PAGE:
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Colloquium Event: Black Geographies and Southern Psychiatric Space

November 13, 2020 @ 1:00 pm - 2:30 pm

By: Mab Segrest

Official portrait of the asylum circa 1900

The 170 years history of Georgia’s Asylum for Lunatics, Epileptics and Idiots (from 1842 to 2010) reveals how settler colonialism shaped state asylum psychiatry, embedding it with the racism it embedded haunts American psychiatry today, when 90% of state psychiatric beds are in jails and prisons. “Black Geographies” in particular emerged with particular force in these two thousand acres two miles outside of Milledgeville, Georgia — the state capital from 1804 to 1868. Before freedpeople were admitted in 1867, Georgia legislators had already forced Muscogee and Cherokee west on Trails of Tears and oversaw the emergence of a Cotton Plantation economy in the 1830s. Because psychiatry originated with a theory of asylum space as “moral therapy,” its very geography (location and architecture) was

designed to restore the mind to rationality. This “moral therapy,” designed for 300 patients, went considerably awry as overcrowded state asylums began to tip patient loads in the thousands even before African American patients began to enter from Freedmen’s Bureau Hospitals in 1867. Unlike North Carolina, Georgia kept Black patients in its burgeoning population but segregated in the Colored Building, which grew in overcrowded proportion to the patient load as TB spread. By the turn of the 20th century, these historic forces had triangulated the asylum with the prison (convict lease) and the plantation (patients growing cotton) in a fiercely segregated space that allocated its goods to patients by raced and gendered hierarchies. The new century brought an upsurge of epidemics inside the Georgia Sanitarium. At the same time, its Supt TO Powell blamed the patient/inmates for their moral failings in spite of the multiple public health crises he administered. His rationales and practices helped to pave the way for US eugenics. This view from the Georgia Asylum bolsters abolitionist practices and sheds a bit of light on the “Bedlam” we are experiencing today.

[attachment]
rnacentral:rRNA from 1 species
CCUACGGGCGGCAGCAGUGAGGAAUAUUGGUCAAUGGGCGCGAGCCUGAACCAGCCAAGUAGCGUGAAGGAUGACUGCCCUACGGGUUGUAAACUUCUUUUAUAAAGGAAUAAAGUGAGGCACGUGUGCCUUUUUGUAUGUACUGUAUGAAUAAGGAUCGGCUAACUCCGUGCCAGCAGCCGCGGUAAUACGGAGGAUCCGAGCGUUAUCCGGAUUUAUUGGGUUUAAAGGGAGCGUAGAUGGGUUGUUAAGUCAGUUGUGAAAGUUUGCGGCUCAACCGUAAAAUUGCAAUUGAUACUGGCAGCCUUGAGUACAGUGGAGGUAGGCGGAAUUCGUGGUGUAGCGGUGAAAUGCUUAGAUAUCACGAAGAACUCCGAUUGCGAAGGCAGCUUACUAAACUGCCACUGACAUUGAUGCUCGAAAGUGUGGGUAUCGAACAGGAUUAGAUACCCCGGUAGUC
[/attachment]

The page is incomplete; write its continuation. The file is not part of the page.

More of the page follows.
Note 1: Please follow this link to register for this event. . The event zoom link will be emailed to you. Thanks.

“Manly Porter Cars” used in convict camps and also for “calming” Black patients


November 13, 2020
1:00 pm - 2:30 pm